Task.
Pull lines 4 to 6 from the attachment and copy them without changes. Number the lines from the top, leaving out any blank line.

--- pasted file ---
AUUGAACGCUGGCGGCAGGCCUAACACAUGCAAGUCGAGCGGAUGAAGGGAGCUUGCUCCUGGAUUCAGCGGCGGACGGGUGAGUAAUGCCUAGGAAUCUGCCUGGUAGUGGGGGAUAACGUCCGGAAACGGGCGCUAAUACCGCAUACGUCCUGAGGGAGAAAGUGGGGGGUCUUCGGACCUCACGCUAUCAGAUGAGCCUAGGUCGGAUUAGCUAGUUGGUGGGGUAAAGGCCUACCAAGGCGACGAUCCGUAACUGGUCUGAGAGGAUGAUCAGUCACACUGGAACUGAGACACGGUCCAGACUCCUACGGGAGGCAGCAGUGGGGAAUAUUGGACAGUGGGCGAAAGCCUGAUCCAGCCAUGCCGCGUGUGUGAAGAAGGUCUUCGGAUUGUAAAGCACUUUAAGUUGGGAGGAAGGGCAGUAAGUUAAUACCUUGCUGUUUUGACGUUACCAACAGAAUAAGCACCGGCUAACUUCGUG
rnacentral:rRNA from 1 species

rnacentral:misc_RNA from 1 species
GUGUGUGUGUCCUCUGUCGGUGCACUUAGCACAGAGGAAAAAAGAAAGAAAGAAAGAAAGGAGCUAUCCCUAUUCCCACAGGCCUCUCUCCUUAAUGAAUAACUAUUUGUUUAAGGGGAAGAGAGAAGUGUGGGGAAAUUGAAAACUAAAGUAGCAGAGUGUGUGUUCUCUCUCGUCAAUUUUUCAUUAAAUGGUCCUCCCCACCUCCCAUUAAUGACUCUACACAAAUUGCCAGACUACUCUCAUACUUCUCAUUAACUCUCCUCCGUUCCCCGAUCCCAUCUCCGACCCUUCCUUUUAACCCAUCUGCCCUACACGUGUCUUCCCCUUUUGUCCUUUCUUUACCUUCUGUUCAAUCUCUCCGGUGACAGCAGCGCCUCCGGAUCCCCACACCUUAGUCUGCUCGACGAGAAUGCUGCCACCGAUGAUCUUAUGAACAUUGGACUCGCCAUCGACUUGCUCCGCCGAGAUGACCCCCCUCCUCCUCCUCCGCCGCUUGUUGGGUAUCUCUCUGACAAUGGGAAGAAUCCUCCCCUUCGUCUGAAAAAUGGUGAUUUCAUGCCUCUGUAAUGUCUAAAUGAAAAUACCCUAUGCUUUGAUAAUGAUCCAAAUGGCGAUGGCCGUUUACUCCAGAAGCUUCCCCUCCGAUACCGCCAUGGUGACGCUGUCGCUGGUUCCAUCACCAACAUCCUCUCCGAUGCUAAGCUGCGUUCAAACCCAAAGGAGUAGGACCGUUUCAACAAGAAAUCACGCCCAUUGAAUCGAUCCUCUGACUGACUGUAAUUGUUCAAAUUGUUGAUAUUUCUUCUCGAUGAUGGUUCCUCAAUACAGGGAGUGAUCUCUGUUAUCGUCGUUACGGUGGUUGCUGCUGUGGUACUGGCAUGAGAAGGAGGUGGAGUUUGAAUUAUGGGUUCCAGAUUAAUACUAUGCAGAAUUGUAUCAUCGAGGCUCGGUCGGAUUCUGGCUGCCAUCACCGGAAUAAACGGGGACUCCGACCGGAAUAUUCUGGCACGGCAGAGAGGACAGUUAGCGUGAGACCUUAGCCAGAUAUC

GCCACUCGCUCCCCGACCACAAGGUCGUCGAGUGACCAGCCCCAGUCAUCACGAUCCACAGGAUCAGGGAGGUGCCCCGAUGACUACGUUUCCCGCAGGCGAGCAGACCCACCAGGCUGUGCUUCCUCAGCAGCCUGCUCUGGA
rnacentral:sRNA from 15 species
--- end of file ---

GUGUGUGUGUCCUCUGUCGGUGCACUUAGCACAGAGGAAAAAAGAAAGAAAGAAAGAAAGGAGCUAUCCCUAUUCCCACAGGCCUCUCUCCUUAAUGAAUAACUAUUUGUUUAAGGGGAAGAGAGAAGUGUGGGGAAAUUGAAAACUAAAGUAGCAGAGUGUGUGUUCUCUCUCGUCAAUUUUUCAUUAAAUGGUCCUCCCCACCUCCCAUUAAUGACUCUACACAAAUUGCCAGACUACUCUCAUACUUCUCAUUAACUCUCCUCCGUUCCCCGAUCCCAUCUCCGACCCUUCCUUUUAACCCAUCUGCCCUACACGUGUCUUCCCCUUUUGUCCUUUCUUUACCUUCUGUUCAAUCUCUCCGGUGACAGCAGCGCCUCCGGAUCCCCACACCUUAGUCUGCUCGACGAGAAUGCUGCCACCGAUGAUCUUAUGAACAUUGGACUCGCCAUCGACUUGCUCCGCCGAGAUGACCCCCCUCCUCCUCCUCCGCCGCUUGUUGGGUAUCUCUCUGACAAUGGGAAGAAUCCUCCCCUUCGUCUGAAAAAUGGUGAUUUCAUGCCUCUGUAAUGUCUAAAUGAAAAUACCCUAUGCUUUGAUAAUGAUCCAAAUGGCGAUGGCCGUUUACUCCAGAAGCUUCCCCUCCGAUACCGCCAUGGUGACGCUGUCGCUGGUUCCAUCACCAACAUCCUCUCCGAUGCUAAGCUGCGUUCAAACCCAAAGGAGUAGGACCGUUUCAACAAGAAAUCACGCCCAUUGAAUCGAUCCUCUGACUGACUGUAAUUGUUCAAAUUGUUGAUAUUUCUUCUCGAUGAUGGUUCCUCAAUACAGGGAGUGAUCUCUGUUAUCGUCGUUACGGUGGUUGCUGCUGUGGUACUGGCAUGAGAAGGAGGUGGAGUUUGAAUUAUGGGUUCCAGAUUAAUACUAUGCAGAAUUGUAUCAUCGAGGCUCGGUCGGAUUCUGGCUGCCAUCACCGGAAUAAACGGGGACUCCGACCGGAAUAUUCUGGCACGGCAGAGAGGACAGUUAGCGUGAGACCUUAGCCAGAUAUC

GCCACUCGCUCCCCGACCACAAGGUCGUCGAGUGACCAGCCCCAGUCAUCACGAUCCACAGGAUCAGGGAGGUGCCCCGAUGACUACGUUUCCCGCAGGCGAGCAGACCCACCAGGCUGUGCUUCCUCAGCAGCCUGCUCUGGA
rnacentral:sRNA from 15 species